The fully cemented Medial Rotation TKA was introduced into clinical practice in 1994. It was the first unconstrained prosthesis to feature a medial condylar design, which was represented by a portion of a sphere (25 mm radius) and matched a congruent concaved polyethylene insert. These features were intended to provide stability to the TKA throughout the whole range of flexion [4] . The lateral condylar design was a single 24 mm anteroposterior radius design, with a matching concavity in the lateral side of the polyethylene insert intended to tolerate some rotation around the medial sphere and thereby conform to the reported kinematics of the natural knee [5] -[8] .

3. Statistical Analysis

The outcome of this update is presented as a survival analysis using the life-table method [9] [10] , with the 95% CI calculated using the same bespoke software used in our first report [1] , with three endpoints applied. Firstly, aseptic loosening was analysed as an endpoint, with any revision for another reason treated as a death for this calculation. Secondly, the scenario of revision for any reason, pending revision or a failed implant retained but unrevised, was calculated (subsequently referred to as revision for any reason). The third, worst-case scenario analysis looked at revision for any reason as the endpoint, with any lost to follow-up patients treated as revisions

In the first and second scenarios, the survival analyses were computed treating any patient lost to follow-up as a death. It has been recognised that the presence of death competing as a censoring event can result in incomplete accounting of the likelihood of revision [11] . To address this concern we have also calculated the rates of revision as the number of revisions per 100 observed component years as reported elsewhere [12] .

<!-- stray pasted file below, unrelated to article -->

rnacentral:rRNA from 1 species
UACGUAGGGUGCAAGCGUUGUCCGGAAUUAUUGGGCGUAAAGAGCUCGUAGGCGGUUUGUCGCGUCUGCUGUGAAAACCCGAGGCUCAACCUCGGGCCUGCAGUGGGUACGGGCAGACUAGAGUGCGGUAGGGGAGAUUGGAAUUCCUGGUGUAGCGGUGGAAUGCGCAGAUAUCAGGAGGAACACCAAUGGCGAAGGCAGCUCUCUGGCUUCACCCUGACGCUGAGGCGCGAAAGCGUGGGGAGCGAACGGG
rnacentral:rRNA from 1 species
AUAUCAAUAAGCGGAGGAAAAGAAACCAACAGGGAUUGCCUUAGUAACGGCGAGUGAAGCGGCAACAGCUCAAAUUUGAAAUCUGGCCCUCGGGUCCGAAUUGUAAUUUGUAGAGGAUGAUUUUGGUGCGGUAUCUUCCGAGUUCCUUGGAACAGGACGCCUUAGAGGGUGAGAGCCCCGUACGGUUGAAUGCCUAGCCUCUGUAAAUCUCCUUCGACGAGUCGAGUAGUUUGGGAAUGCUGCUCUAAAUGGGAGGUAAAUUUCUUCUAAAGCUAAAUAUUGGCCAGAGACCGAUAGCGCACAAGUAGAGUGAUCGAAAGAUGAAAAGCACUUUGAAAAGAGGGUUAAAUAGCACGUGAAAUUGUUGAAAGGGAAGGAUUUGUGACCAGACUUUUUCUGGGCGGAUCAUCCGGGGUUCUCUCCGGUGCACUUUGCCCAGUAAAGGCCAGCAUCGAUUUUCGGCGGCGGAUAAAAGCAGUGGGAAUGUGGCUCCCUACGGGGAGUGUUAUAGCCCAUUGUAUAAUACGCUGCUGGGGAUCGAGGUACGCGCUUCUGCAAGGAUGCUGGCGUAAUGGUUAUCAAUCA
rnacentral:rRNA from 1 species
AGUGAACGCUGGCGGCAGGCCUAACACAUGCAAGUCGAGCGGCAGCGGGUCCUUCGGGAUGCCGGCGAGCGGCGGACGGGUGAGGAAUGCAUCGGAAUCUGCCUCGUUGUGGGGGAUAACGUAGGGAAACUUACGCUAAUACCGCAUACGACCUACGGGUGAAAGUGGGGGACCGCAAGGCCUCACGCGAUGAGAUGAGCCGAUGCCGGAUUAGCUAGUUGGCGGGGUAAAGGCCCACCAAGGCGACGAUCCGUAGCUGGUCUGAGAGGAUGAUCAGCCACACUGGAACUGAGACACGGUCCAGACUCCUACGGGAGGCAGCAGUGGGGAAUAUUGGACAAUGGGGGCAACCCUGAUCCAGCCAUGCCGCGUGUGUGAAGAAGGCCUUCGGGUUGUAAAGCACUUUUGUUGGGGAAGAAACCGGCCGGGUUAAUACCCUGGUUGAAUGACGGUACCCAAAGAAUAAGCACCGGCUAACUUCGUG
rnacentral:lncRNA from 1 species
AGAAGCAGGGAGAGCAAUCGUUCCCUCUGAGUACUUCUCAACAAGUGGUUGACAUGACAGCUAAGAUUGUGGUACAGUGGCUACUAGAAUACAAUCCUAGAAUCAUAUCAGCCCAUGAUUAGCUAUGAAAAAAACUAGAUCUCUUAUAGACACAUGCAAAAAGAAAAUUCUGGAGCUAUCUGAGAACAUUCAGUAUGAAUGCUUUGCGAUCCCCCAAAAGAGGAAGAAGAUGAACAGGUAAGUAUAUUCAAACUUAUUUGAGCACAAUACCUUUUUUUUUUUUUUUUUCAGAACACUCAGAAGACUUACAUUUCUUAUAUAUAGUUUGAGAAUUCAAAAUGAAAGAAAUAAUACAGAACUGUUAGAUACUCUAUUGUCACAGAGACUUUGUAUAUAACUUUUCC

4. Results

The mean follow-up at the time of the review was 8.5 years (0 to 19) at which time 87 of the 228 knees where withdrawn due to death of patients, all of whom died from unrelated causes. The mean elapsed time for these knees from implantation to death was 7.2 years (0.5 to 17). A total of ten knees involving seven patients had been lost to follow-up at a mean of 7.8 years (3 to 13; for knees), of whom four patients (six knees) had emigrated. In all, 19 knees (19 patients) underwent revision for any reason: ten knees were revised for aseptic loosening at a mean of 7.3 years (1 to 12) years and six knees were revised due to peri-prosthetic infection at a mean of 2.1 years (0.5 to 4), two knees underwent revision in the course of the management of a periprosthetic fracture at one week and eight years respectively, and one knee was revised elsewhere for pain at one year post-operatively. This patient had completed extensive investigation with serological investigation, serial radiography, radio-isotopic scanning, aspiration and culture, and arthroscopy, biopsy and culture. None of the investigations had identified loosening or infection. Nevertheless, following a second opinion revision was performed which confirmed the absence of infection or loosening. Following revision he continued to experience pain, which was subsequently attributed to a neurological cause. This patient was included in the analysis as revised but not loose, along with the implants revised for periprosthetic infection and fracture. No patients were found to be pending revision or to have a failed implant for which revision was precluded.